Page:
What Is the Architect’s Role in Creating Equitable Communities?

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As shapers of the physical world, architects and designers have direct impacts on the areas in which they design and build. These impacts result in outcomes that extend to social equity. In fact, Equitable Design is one of the 10 new meta trends outlined in Gensler’s 2023 Design Forecast.

It is no secret that the built environment has contributed to social, economic, health, environmental, and geographic inequalities that are still present today.

We know that up to 60% of health outcomes are determined solely by one’s ZIP code. — NCRC

Highly segregated white neighborhoods report the best life outcomes. Household income in these neighborhoods is nearly double incomes in segregated communities of color, and life expectancies are four years longer. The disparity in outcomes is a direct result of historically unjust policies and actions that have created barriers and obstacles for specific groups within American society. Business as usual in this arena will only perpetuate this problem.

In response to this, Gensler, The Neighborhood Design Center, and myriad community voices collaborated to create the Architect’s Role in Creating Equitable Communities, a new resource for the American Institute of Architects.

The Newark Community Museum of Social Justice, designed by Gensler, highlights Newark, NJ’s history of activism against racial injustice and provides a focus for community aspirations and hope for an equitable future.

The resource shares how architects can, in their practices, bring about racially just and equitable outcomes for all members of the communities they serve. These actions take place both within projects and beyond. Although there are numerous challenges in the design and development process that can hinder the depth of impact, providing designers frameworks for actionable tools, tactics, and strategies can help them understand the extent of their agency.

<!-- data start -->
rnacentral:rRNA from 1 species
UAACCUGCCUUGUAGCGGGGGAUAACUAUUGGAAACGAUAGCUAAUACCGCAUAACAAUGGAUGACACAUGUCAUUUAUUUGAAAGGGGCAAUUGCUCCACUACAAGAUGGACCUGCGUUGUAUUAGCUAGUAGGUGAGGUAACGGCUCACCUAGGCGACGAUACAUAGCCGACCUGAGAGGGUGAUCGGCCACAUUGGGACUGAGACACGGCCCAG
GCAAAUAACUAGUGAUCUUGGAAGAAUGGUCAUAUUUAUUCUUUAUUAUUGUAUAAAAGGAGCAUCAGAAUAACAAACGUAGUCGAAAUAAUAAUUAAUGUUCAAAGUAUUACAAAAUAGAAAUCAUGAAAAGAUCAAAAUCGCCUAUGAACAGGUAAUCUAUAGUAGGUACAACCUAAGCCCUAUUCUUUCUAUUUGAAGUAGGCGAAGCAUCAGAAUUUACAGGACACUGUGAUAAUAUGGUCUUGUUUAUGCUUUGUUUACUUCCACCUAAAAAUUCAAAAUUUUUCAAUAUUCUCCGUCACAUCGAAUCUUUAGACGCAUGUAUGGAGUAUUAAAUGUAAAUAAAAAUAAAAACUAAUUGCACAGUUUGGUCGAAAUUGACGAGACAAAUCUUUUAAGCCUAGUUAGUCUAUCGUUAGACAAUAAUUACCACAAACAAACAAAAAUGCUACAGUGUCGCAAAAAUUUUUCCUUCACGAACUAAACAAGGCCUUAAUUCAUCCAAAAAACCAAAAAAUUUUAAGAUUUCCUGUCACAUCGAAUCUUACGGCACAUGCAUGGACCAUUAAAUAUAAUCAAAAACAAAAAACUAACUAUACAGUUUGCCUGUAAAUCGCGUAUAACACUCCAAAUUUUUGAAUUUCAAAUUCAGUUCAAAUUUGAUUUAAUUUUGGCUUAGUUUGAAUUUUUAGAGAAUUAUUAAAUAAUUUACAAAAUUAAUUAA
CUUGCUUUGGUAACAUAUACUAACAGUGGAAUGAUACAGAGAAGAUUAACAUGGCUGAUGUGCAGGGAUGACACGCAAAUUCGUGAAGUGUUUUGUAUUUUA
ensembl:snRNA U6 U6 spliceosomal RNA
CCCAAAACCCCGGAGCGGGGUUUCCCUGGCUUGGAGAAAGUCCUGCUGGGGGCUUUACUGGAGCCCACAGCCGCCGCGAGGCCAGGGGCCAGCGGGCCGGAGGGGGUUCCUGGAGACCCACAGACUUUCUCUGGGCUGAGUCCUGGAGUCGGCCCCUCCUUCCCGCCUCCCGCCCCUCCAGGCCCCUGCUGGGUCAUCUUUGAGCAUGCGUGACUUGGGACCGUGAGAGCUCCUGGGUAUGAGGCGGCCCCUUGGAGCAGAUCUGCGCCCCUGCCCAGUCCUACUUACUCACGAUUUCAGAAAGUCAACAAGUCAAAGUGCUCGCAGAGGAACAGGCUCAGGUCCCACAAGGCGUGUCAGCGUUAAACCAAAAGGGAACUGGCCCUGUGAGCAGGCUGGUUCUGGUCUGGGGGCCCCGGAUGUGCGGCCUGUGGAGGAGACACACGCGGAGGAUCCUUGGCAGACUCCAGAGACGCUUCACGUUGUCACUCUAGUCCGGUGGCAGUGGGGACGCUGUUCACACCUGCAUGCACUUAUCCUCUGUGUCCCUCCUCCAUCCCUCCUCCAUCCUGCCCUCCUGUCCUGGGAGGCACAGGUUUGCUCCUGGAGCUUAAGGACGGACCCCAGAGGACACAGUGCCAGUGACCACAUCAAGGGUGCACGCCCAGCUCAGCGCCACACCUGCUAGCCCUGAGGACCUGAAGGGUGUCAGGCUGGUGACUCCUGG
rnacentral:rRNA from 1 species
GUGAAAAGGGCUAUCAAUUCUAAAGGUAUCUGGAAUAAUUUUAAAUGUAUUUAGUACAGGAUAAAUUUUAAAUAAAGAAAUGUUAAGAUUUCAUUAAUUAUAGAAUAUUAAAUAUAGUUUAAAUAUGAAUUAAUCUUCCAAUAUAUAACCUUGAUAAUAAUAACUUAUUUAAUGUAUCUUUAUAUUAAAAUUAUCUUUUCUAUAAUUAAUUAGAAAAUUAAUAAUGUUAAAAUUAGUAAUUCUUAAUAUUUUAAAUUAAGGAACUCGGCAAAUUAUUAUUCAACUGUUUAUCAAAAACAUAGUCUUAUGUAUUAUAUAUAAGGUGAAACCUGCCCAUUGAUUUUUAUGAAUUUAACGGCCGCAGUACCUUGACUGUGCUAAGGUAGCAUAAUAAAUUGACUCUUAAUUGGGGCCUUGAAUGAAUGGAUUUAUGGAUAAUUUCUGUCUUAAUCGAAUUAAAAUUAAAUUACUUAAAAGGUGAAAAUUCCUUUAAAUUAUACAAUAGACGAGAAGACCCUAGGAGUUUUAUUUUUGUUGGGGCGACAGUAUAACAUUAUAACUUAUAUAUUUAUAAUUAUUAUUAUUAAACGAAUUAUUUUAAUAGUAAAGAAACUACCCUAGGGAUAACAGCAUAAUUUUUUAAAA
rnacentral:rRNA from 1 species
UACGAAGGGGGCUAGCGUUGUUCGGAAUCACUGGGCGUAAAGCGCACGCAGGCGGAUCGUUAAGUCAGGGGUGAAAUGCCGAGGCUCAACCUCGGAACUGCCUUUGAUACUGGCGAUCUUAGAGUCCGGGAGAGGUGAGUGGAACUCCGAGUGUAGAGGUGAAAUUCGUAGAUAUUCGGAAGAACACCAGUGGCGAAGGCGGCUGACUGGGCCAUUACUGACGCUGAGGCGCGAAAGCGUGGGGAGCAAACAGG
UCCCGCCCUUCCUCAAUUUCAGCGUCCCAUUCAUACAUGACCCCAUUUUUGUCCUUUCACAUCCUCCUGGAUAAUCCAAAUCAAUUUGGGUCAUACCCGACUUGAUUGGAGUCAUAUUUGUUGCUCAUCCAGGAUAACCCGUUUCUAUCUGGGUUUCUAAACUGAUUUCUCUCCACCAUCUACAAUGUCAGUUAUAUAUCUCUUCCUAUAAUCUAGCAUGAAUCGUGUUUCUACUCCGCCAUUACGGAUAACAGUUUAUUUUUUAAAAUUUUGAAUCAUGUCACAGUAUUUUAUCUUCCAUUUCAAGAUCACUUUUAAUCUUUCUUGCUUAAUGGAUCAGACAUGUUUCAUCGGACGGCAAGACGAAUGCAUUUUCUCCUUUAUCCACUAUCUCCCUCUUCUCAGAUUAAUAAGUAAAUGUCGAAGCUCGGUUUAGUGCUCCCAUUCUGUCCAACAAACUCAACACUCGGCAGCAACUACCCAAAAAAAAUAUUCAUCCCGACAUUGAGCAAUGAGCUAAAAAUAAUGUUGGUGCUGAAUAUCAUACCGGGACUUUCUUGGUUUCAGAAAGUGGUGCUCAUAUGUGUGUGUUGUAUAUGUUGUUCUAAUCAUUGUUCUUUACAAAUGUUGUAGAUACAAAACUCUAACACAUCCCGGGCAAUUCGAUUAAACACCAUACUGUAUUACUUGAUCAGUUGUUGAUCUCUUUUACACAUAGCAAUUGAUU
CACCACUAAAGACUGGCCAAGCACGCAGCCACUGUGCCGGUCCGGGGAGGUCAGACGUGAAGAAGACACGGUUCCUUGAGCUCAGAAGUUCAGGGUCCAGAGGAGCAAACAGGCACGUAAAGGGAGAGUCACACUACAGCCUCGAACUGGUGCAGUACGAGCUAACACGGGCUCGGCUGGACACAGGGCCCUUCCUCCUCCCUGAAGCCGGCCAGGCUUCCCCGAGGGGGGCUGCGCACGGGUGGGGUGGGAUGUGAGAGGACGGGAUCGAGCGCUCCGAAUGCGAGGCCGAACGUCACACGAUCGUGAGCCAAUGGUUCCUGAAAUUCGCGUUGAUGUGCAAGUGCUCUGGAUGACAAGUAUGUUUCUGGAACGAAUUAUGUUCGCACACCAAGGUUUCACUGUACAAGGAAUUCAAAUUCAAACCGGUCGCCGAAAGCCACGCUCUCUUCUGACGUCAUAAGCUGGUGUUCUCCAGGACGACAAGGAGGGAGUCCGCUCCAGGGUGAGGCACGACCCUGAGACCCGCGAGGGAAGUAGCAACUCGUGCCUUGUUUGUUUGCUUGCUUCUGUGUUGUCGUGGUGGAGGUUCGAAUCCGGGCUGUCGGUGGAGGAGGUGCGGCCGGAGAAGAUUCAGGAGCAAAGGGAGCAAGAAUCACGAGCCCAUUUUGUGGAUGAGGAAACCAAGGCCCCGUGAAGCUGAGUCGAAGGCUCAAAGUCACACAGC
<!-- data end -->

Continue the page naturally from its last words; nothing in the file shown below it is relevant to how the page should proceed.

In this episode of the Gensler Design Exchange podcast, key contributors of this important resource join host Brandon Larcom to dive into why this is important, how it was created, and how architects and designers can use it.

Tune in to hear the full conversation. As always, thanks for listening!

Host:
Brandon Larcom
Product Development Leader, Senior Associate
Gensler

Guests:
Melissa Wackerle
Senior Director, Resilience & Climate Change
American Institute of Architects

Sophie Morley
Program Manager
The Neighborhood Design Center — Prince George’s County Office

Elaine Asal
Consulting Practice Area Leader, Senior Associate
Gensler — Baltimore Office

Genevieve Will, LEED AP BD+C
Senior Strategist, Senior Associate
Gensler — Los Angeles Office

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Gensler Design Exchange Podcast

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